When a ruffed grouse flushes from underfoot, the loud sound can startle even experienced outdoors people. This woodland bird is the most popular of Minnesota's upland game birds. Noted for its muffled drumming sounds during the spring mating season, the ruffed grouse is present in Minnesota forests from Iowa to Manitoba.
General description: During courtship, ruffed grouse display banded fan-shaped tails. Males also have a concealed neck ruff (hence the name "ruffed grouse") that they display during courtship. Color phases range from gray to chestnut. In winter, ruffed grouse have comb-like fringes on their toes that, like snowshoes, allow for easy travel on snow.
Length: About 12 inches.
Weight: About 1.5 pounds.
Sounds: Each spring, male ruffed grouse perform a mating ritual that sounds like the beating of a distant drum. The male "drums" by compressing air beneath its wings. The bird makes the sound in the hopes of attracting a female grouse. Most males drum on a log, but they may also stand on roots and boulders.
The peak of the mating season is late April. Nests are placed on the ground, usually in dense forest in a depression next to a tree trunk or stump. Hens lay about 10 to 14 eggs that hatch in 23 days. The male grouse has no parenting role. The chicks stay with the hen until late September and are fully grown in 16 weeks.
Ruffed grouse favor the buds and twigs of aspen but also eat the fruits of dogwood, mountain ash, and thornapple. They also eat rose hips and the green leaves of clover, strawberries, bunchberry, aspen and some ferns. Insects are the primary food of ruffed grouse chicks.
Many animals hunt ruffed grouse, including birds of prey such as goshawk, great horned owl, and various mammals such as fox, fisher and bobcat. Humans also hunt and eat ruffed grouse.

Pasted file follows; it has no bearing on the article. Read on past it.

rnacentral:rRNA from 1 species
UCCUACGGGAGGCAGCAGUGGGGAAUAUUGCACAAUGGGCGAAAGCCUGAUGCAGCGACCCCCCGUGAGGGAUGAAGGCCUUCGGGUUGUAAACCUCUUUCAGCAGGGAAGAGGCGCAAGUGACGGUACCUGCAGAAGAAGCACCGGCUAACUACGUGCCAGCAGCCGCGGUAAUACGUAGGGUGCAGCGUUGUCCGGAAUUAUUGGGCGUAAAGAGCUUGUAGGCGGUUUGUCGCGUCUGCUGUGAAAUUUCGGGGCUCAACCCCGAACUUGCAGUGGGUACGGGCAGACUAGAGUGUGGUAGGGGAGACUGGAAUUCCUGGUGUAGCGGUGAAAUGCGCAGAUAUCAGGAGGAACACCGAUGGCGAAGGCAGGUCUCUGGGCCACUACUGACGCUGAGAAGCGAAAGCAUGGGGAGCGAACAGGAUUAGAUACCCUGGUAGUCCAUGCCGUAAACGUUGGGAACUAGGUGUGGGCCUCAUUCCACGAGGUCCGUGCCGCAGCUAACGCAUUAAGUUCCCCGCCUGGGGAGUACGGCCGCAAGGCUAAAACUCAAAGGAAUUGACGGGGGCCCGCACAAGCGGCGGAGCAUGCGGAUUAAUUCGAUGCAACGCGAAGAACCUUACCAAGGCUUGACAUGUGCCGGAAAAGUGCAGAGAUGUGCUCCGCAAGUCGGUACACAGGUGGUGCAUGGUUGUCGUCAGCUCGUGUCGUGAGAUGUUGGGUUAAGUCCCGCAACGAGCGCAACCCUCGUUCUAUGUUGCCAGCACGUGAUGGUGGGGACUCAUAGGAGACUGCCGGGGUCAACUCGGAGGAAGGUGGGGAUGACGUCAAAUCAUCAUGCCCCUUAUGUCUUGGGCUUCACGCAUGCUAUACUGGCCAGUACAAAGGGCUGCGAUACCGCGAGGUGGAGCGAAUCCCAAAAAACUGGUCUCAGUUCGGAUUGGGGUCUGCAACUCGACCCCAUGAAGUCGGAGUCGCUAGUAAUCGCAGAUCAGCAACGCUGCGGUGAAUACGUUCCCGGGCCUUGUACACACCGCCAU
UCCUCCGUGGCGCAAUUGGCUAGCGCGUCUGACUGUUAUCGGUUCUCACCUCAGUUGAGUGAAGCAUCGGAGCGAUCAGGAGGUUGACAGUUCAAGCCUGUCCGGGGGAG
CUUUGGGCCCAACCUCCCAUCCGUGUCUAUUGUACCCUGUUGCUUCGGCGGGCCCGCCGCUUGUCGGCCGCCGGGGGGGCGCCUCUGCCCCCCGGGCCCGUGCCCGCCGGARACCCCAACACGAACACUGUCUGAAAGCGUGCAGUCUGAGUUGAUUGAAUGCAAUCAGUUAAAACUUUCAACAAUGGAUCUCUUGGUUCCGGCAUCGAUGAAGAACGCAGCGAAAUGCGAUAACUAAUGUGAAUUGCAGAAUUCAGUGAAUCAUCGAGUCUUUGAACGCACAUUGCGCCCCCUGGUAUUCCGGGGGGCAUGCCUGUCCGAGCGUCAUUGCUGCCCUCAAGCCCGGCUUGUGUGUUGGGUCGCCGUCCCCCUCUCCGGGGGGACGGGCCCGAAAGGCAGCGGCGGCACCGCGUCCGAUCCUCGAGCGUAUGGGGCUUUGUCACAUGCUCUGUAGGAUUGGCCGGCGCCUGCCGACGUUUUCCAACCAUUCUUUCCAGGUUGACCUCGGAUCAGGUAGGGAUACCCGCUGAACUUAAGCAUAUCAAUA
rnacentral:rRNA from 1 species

Ruffed grouse are found in forests from southeastern to northwestern Minnesota. Young to middle-aged aspen forests provide the best habitat. Alder lowlands and patches of gray dogwood are especially attractive to ruffed grouse in summer and fall. During winter, ruffed grouse spend nearly all of their time in snow burrows to stay warm and avoid predators. A ruffed grouse lives most of its life within just a few acres.
Ruffed grouse populations rise and fall at intervals of about 10 years. Many other species of wildlife such as snowshoe hares also cycle at 10-year intervals. The causes of these cycles are unknown. In Minnesota, the annual hunter harvest varies from 250,000 to more than one million ruffed grouse. Hunting does not affect ruffed grouse populations either at the top or bottom of their population cycles.
Ruffed grouse are loners. Unlike most other game bird species, which form coveys or flocks, ruffed grouse spend most of their adult life alone, except during the mating season.